AX errors, FP errors, DN errors and result bus errors are all deemed to be BPU errors. However, the CD block 12 and the DD block 13 can detect and advise the CK block 16 of either BPU errors or CPU errors (for example, cache errors) which are treated differently. In addition, the CD and DD blocks are notified of BPU errors originating elsewhere, and, under certain conditions (such as during a hardware/firmware troubleshooting process), the DD block 13 may order a temporary "unfreeze" of the BPU clock. Certain cache errors are reported directly to the DD block 13 which then determines if a BPU or CPU error signal is to be forwarded to the CK block 16.
It was previously noted that the AX, DN and FP units were duplicated with the duplicate units operating in parallel to obtain duplicate results which are available for integrity checking. Thus, master and slave results are obtained in the normal operation of these units. Both the master and slave results are conveyed, on the MRB and SRB respectively, to the cache data array 11 of DT units. In addition, a COMTO bus 22 and a COMFROM bus 23 couple together the AX unit, the DN unit and the FP unit for certain interrelated operations.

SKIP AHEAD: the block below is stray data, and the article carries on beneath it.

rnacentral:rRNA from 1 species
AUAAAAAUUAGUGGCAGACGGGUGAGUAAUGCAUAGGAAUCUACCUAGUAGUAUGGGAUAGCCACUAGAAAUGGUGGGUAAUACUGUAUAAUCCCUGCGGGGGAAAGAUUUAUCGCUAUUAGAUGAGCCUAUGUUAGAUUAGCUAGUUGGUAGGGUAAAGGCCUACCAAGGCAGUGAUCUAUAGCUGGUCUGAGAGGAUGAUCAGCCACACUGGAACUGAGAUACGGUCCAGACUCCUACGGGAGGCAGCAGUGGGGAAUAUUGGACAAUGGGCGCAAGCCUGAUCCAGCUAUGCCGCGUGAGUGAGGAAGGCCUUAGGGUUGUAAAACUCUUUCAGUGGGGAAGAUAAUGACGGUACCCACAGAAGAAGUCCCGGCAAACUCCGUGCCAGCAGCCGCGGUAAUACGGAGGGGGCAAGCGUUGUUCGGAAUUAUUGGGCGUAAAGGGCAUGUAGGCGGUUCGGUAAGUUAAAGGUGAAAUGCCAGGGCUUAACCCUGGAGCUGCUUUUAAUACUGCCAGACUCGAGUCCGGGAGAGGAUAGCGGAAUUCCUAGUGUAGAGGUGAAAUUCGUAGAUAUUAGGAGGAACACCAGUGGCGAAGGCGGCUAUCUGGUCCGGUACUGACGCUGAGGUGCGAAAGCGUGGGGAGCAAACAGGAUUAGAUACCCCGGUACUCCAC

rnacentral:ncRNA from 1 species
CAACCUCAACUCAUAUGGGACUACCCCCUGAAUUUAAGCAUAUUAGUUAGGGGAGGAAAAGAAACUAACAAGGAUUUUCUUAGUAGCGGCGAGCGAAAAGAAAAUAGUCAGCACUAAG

The AX unit 10, DN unit 14 and FP unit 15, communicating with one another via the COMTO bus 22 and COMFROM bus 23 accept data manipulation instructions and operands from the cache unit 11 and deliver the results back to the cache unit via the MRB 20. Redundantly, the secondary AX unit 10A, the secondary DN unit 14A and the secondary FP unit 15A (intercommunicating on their own COMTO and COMFROM busses, not shown in FIG. 1) accept the same data manipulation instructions and operands from the cache unit 11 and deliver the results back to the cache unit via the SRB 21. Thus, the results appearing at a given time on the MRB and SRB should always be identical, and if they are not, a basic processing error will have occurred.
The apparatus and method by which the master and slave results are compared are described in detail in U.S. Pat. No. 5,195,101 entitled Efficient Error Detection in a VLSI Central Processing Unit, issued Mar. 16, 1993, to Russell W. Guenthner et al and assigned to the same assignee as the subject invention. U.S. Pat. No. 5,195,101 is incorporated by reference herein.